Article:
The Endangered Ethiopian Wolf: Life, Threats, and Conservation
An Endangered Animal of Africa
The Ethiopian wolf lives only at high elevations in mountainous regions of Ethiopia. It's a slender creature with long legs, a pointed, fox-like face, and red-brown fur on much of its body. It's classified as a wolf even though it resembles a coyote in size and shape. It's a pack animal and is very social, but it hunts for food alone instead of hunting cooperatively with the rest of its pack. The animal is sometimes known as an Abyssinian wolf, a Simien fox, or a Simien jackal. Its scientific name is Canis simensis.
Fewer than 450 Ethiopian wolves exist, including juveniles. The number may be significantly smaller than 450 at the moment due to the recent outbreak of disease. Loss of habitat to agriculture, the spread of rabies and canine distemper from domestic dogs, persecution by humans, and hybridization with dogs have all served to reduce the animal’s population to a dangerously low level.
Until recently, the Ethiopian wolf was said to be the only wolf in Africa. In 2015, an animal formerly known as the golden jackal was reclassified as the African golden wolf due to its genetic characteristics.
For many people, the most noticeable features of an Ethiopian wolf are probably its slender form, its long and narrow muzzle, and its pointed ears. The upper surface of the animal is reddish brown in colour while the undersurface is white. White stripes or patches are often visible on the neck and upper chest. The wolf has a bushy tail which contains a mixture of white, brown, and black fur. The last section of the tail is predominantly black.
An Ethiopian wolf is about the same size as a coyote. As in most members of the dog family, the males are generally larger and heavier than the females. An average male is around 16 kg (35 pounds) in weight, while an average female weighs about 13kg (29 pounds).
Canis simensis is often considered to be the most endangered member of the Family Canidae, or the dog family. It lives in small, widely separated populations and is exposed to some serious environmental threats. There are currently no members of the species in captivity.
Ethiopian wolves live at high alpine elevations which are at least 3,000 metres (9,840 feet) above sea level. Their habitat is either open moorland with very low vegetation or grassland with low shrubs and widely spaced giant lobelia plants. These areas have a large population of rodents for the wolves to hunt. The wolves live at such a high elevation that the ground vegetation is frozen in the early morning, an unusual sight in most parts of Africa.
Currently, six isolated groups of Ethiopian wolves exist. The largest is found in the Bale Mountains in southern Ethiopia. When there is no disease outbreak, around 250 to 300 wolves may live here. The second largest group is łocated in the Simien Mountains in northern Ethiopia (about 25 animals). Smaller groups live in the North Wollo and South Wallo highlands, Menz-Guassa, and the Arsi Mountains.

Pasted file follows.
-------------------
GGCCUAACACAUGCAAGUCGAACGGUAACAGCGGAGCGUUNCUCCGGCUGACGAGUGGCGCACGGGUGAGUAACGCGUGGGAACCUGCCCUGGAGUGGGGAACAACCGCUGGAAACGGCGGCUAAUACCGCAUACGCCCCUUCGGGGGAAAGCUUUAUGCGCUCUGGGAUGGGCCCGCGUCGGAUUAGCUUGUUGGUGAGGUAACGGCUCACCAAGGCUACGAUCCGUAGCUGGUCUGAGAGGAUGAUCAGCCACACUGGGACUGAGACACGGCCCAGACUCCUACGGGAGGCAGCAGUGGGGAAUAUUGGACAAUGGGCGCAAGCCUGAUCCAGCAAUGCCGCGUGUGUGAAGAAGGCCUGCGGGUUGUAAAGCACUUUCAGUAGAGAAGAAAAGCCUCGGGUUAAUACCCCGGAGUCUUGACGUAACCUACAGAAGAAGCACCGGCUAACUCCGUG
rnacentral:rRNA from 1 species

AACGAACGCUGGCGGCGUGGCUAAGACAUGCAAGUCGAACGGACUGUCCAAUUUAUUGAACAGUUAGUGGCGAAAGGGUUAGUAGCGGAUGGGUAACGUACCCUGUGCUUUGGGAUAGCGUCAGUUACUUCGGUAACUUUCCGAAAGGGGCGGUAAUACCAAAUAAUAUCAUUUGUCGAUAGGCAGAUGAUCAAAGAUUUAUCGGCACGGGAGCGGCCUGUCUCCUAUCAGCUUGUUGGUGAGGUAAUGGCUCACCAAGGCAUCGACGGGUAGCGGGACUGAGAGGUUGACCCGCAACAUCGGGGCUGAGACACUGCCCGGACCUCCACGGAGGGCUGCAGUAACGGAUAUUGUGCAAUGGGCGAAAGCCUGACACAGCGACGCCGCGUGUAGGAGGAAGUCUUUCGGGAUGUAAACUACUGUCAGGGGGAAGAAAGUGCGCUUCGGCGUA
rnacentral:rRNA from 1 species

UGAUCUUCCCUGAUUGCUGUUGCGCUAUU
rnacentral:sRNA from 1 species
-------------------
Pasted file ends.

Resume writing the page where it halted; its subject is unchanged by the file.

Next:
The adult wolf's long, narrow muzzle and its widely spaced teeth are thought to be adaptations for handling prey efficiently. Most of the diet consists of three types of animals—mole rats, grass rats, and Starck's hares.
In the Bale Mountains, the wolves' favourite food is the giant mole rat, a large rodent which lives in a ground burrow. The mole rat's eyes are placed high on its head, enabling it to peer out of its burrow to look for food and danger, briefly surface to grab hold of some nearby plants, and then drag them back into the burrow to eat.
Unfortunately for the mole rat, a wolf may not only see it but also hear its movements. The wolf often approaches its potential prey with admirable stealth and patience. Wolves sometimes take a more active approach in their search for food by digging into the mole rat's burrow, however.
By analyzing the wolves' feces, researchers know that the animals sometimes catch other kinds of prey, including the rock hyrax, young geese, and eggs. They've occasionally been seen hunting cooperatively to catch larger prey such as big hares and young antelopes. Very rarely, some wolves catch livestock. Most livestock kills in the wolves' habitat are caused by hyenas and jackals, however. In some parts of Ethiopia the common mole rat replaces the giant mole rat in the wolves' diet.
The scientific name of the giant mole rat is Tachyoryctes macrocephalus. It's also known as the big-headed mole rat. Like the Ethiopian wolf, it's classified as an endangered animal.
The Wolf Pack
The Ethiopian wolf pack consists of a small group of adults and juveniles. Once a year there may be pups in the group as well. In general, the pack contains as few as three to as many as thirteen individuals. In areas which don't contain many rodents, however, wolves have been discovered living in pairs.